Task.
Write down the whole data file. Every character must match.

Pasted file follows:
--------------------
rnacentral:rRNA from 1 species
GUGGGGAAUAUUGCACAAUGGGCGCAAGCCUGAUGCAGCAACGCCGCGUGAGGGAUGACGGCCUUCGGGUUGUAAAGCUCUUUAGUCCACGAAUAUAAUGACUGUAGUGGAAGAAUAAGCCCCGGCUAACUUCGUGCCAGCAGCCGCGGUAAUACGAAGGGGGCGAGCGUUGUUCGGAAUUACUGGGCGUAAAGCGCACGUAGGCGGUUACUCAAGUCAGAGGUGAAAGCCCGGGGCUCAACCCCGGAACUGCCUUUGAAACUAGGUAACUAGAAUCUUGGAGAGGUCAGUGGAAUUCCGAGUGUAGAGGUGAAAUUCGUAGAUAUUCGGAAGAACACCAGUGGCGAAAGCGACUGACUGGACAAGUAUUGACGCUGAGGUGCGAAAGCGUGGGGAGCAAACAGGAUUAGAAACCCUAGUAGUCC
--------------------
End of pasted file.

rnacentral:rRNA from 1 species
GUGGGGAAUAUUGCACAAUGGGCGCAAGCCUGAUGCAGCAACGCCGCGUGAGGGAUGACGGCCUUCGGGUUGUAAAGCUCUUUAGUCCACGAAUAUAAUGACUGUAGUGGAAGAAUAAGCCCCGGCUAACUUCGUGCCAGCAGCCGCGGUAAUACGAAGGGGGCGAGCGUUGUUCGGAAUUACUGGGCGUAAAGCGCACGUAGGCGGUUACUCAAGUCAGAGGUGAAAGCCCGGGGCUCAACCCCGGAACUGCCUUUGAAACUAGGUAACUAGAAUCUUGGAGAGGUCAGUGGAAUUCCGAGUGUAGAGGUGAAAUUCGUAGAUAUUCGGAAGAACACCAGUGGCGAAAGCGACUGACUGGACAAGUAUUGACGCUGAGGUGCGAAAGCGUGGGGAGCAAACAGGAUUAGAAACCCUAGUAGUCC